Sex addiction is a topic that has garnered plenty of media focus over the past few years, but it’s a subject that, up until Shame, had not really been examined in film to such a degree. The reasons behind this are unclear; perhaps it’s because many don’t take it seriously as a condition, or maybe it’s that studios feel it would be too much of a risqué subject that would deter people from seeing it. Whatever the reason, the topic has finally been addressed and has been done so in a film that’s intense, shocking and sometimes harrowing.
Brandon Sullivan (Michael Fassbender) is a 30-something New York bachelor; he’s successful, has a good job and a decent apartment. However, he also has an unflinching sex addiction that he must balance with his regular work and social life on a day-to-day basis. Brandon seeks out different sexual partners nightly and resorts to masturbating several times a day, even at work, to satisfy his urges. He seems relatively at ease with how he manages his life until his sister Sissy (Carey Mulligan) turns up unexpectedly. This throws Brandon’s life into turmoil as he tries to come to terms with his sister’s arrival and still manage his fervent addiction.
The desire for sexual satisfaction consumes Brandon and it’s a constant search for his next fix, eventually forcing him to do whatever it takes to quell his urges. However, true satisfaction is something that, no matter the lengths he goes to, he never really attains. At no point is the film erotic; Brandon never seems to truly enjoy his encounters, but rather sees them as a means to an end. He’s scratching an itch, merely getting a hit before moving onto the next one. The only time Brandon attempts a relationship approaching normal, he’s awkward, uncomfortable and unable to perform as he otherwise would.
Shame marks the second time that director Steve McQueen has employed Michael Fassbender as his leading male, after 2008’s Hunger, and it’s clear he manages to get the best out of him. Fassbender’s performance is superb and he shows off the full spectrum of emotions as the struggling Brandon. It’s no surprise that McQueen is using Fassbender again in his next film, Twelve Years a Slave, which is due out some time next year. Mulligan also deserves mention as the clearly emotionally damaged invader of Brandon’s precariously balanced life. She has less time and scope to really develop her character (which is down to the script, not her), but she does well with what she’s given.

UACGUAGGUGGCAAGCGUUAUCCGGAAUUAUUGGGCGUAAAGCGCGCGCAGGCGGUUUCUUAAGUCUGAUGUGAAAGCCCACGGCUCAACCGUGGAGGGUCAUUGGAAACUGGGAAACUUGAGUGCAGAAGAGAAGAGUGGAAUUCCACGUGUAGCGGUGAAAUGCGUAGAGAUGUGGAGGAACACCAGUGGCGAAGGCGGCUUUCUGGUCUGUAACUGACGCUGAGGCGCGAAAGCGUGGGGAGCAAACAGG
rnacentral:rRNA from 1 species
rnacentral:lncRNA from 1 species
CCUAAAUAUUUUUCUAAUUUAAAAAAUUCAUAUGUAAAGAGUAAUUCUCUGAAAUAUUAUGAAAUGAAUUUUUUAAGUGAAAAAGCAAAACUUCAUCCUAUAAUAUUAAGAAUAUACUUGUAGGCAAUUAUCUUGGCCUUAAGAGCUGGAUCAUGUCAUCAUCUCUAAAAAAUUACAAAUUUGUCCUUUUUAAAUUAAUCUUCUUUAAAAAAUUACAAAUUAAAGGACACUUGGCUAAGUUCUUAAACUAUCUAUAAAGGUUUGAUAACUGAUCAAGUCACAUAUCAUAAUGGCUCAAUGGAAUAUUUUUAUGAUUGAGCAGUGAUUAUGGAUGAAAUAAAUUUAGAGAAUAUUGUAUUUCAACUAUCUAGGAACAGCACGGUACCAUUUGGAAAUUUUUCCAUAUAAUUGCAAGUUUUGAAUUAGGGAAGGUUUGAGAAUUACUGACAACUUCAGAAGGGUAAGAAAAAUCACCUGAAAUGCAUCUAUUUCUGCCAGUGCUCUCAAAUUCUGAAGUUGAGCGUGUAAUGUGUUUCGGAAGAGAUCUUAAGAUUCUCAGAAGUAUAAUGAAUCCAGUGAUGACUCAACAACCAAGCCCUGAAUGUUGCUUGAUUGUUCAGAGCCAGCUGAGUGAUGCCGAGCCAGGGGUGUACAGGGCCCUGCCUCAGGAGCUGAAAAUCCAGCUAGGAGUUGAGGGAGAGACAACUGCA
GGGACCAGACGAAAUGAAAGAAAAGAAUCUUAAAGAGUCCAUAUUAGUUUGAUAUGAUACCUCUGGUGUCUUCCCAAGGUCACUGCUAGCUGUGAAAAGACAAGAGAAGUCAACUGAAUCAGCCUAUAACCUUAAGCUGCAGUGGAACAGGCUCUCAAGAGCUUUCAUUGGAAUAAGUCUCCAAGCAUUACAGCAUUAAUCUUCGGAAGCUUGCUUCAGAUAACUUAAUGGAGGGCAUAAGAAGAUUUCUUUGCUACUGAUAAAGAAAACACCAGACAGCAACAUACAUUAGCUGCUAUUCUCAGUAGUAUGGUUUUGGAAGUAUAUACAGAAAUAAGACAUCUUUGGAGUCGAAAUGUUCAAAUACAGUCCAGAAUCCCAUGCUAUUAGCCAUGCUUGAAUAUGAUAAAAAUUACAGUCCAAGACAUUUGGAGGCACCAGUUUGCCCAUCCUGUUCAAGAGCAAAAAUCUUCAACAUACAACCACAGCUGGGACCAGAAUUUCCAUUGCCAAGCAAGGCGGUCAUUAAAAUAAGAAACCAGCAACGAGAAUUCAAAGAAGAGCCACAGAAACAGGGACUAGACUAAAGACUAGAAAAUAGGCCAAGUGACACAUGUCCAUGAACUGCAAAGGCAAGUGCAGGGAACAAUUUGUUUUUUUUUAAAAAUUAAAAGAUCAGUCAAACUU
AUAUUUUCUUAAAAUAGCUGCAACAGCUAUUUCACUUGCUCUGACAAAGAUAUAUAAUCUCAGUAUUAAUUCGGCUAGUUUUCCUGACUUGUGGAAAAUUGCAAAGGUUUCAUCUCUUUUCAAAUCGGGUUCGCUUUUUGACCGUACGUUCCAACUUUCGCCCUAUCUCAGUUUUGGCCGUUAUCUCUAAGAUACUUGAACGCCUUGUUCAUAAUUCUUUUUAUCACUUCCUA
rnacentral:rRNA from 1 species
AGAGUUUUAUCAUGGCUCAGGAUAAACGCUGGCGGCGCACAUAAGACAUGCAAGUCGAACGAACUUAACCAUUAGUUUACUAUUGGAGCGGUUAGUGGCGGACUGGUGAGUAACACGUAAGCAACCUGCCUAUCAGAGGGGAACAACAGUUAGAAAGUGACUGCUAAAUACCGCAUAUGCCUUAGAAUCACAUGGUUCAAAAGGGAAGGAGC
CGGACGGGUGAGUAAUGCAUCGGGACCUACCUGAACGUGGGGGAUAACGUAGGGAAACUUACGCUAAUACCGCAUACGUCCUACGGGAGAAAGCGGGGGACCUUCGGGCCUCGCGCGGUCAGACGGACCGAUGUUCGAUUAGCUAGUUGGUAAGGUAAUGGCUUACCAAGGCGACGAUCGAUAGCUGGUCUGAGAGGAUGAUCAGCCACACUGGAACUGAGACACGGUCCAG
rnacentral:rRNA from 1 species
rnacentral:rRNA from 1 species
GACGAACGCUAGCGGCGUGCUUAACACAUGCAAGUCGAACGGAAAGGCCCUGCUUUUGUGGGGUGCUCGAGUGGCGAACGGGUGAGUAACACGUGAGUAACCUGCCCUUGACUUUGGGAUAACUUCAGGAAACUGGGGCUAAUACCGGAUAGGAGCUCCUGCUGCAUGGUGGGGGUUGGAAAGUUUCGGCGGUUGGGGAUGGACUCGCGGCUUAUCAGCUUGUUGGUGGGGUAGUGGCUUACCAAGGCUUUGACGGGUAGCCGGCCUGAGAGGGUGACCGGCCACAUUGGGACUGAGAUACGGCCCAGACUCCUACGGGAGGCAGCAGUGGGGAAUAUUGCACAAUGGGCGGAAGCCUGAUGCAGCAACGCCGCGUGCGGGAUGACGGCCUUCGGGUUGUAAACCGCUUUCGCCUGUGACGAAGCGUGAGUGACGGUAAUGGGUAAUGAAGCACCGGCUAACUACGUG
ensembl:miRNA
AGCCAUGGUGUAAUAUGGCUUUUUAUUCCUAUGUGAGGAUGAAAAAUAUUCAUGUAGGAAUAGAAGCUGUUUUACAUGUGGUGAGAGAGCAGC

In terms of cinematography, Shame is absolutely stunning. The film does a fantastic job of capturing the vibrancy of New York without resorting to showing the big landmarks to qualify the film’s location – this is real New York. We see the palatial offices of the financial district when Brandon is comfortable with his life, but also see the seedy underbelly of a city that never sleeps when he is at his most desperate. McQueen’s use of the long take is prevalent throughout the film, really allowing us the ability to get more from the characters and the scenes and pushing the actors in terms of how invested they can become in their characters.
However, the film isn’t without its flaws, the majority of which come from the script. Whilst we are given an insight into Brandon’s life and how his addiction affects him, we are left in the dark somewhat as to the causes of his behaviour. We are given glimpses as to the root cause, but for some this may be a little obtuse. What is suggested to us may be deemed somewhat stereotypical and even a little easy as a behavioural catalyst. Whilst films shouldn’t have to spell everything out to a viewer, a certain level of exposition is important and perhaps Shame falls slightly short on this front. Fast forward and the film’s resolution is also lacking somewhat. We are given little indication as to the ramifications of the past hour and a half’s viewing or where the characters’ journey is headed. We are left without an answer as to how sex addiction can be overcome, if at all. As a character film, this works well enough, but it is most definitely not the examination of sex addiction that the film is billed as.
That said, Shame is one of the standout films of 2011, and how it was completely ignored by The Academy is, frankly, a little sad. For direction, cinematography and the actor’s performances, a nomination is the least it deserved. The film is not for the faint hearted, and most definitely not for the prudish, but for those curious about the topic of sex addiction and how deeply affecting it can be, Shame is essential viewing.
Words: Chris Thomson